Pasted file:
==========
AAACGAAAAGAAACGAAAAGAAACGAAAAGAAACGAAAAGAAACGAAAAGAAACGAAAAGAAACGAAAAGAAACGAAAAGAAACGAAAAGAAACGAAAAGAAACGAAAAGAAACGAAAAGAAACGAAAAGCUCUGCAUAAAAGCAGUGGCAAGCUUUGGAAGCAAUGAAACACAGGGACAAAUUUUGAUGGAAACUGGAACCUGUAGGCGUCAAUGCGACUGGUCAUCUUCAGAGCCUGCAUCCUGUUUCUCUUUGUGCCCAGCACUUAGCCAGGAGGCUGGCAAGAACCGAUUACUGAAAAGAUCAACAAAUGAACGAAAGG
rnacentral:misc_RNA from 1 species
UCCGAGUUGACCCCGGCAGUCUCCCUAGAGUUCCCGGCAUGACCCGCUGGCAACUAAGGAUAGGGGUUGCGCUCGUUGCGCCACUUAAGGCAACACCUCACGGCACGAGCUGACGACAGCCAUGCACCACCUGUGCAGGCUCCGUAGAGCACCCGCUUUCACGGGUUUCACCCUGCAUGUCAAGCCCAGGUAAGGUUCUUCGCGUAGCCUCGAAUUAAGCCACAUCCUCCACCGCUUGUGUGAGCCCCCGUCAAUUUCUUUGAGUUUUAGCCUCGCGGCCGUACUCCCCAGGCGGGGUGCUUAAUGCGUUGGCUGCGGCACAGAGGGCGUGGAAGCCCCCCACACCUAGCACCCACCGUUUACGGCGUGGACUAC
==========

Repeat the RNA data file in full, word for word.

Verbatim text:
AAACGAAAAGAAACGAAAAGAAACGAAAAGAAACGAAAAGAAACGAAAAGAAACGAAAAGAAACGAAAAGAAACGAAAAGAAACGAAAAGAAACGAAAAGAAACGAAAAGAAACGAAAAGAAACGAAAAGCUCUGCAUAAAAGCAGUGGCAAGCUUUGGAAGCAAUGAAACACAGGGACAAAUUUUGAUGGAAACUGGAACCUGUAGGCGUCAAUGCGACUGGUCAUCUUCAGAGCCUGCAUCCUGUUUCUCUUUGUGCCCAGCACUUAGCCAGGAGGCUGGCAAGAACCGAUUACUGAAAAGAUCAACAAAUGAACGAAAGG
rnacentral:misc_RNA from 1 species
UCCGAGUUGACCCCGGCAGUCUCCCUAGAGUUCCCGGCAUGACCCGCUGGCAACUAAGGAUAGGGGUUGCGCUCGUUGCGCCACUUAAGGCAACACCUCACGGCACGAGCUGACGACAGCCAUGCACCACCUGUGCAGGCUCCGUAGAGCACCCGCUUUCACGGGUUUCACCCUGCAUGUCAAGCCCAGGUAAGGUUCUUCGCGUAGCCUCGAAUUAAGCCACAUCCUCCACCGCUUGUGUGAGCCCCCGUCAAUUUCUUUGAGUUUUAGCCUCGCGGCCGUACUCCCCAGGCGGGGUGCUUAAUGCGUUGGCUGCGGCACAGAGGGCGUGGAAGCCCCCCACACCUAGCACCCACCGUUUACGGCGUGGACUAC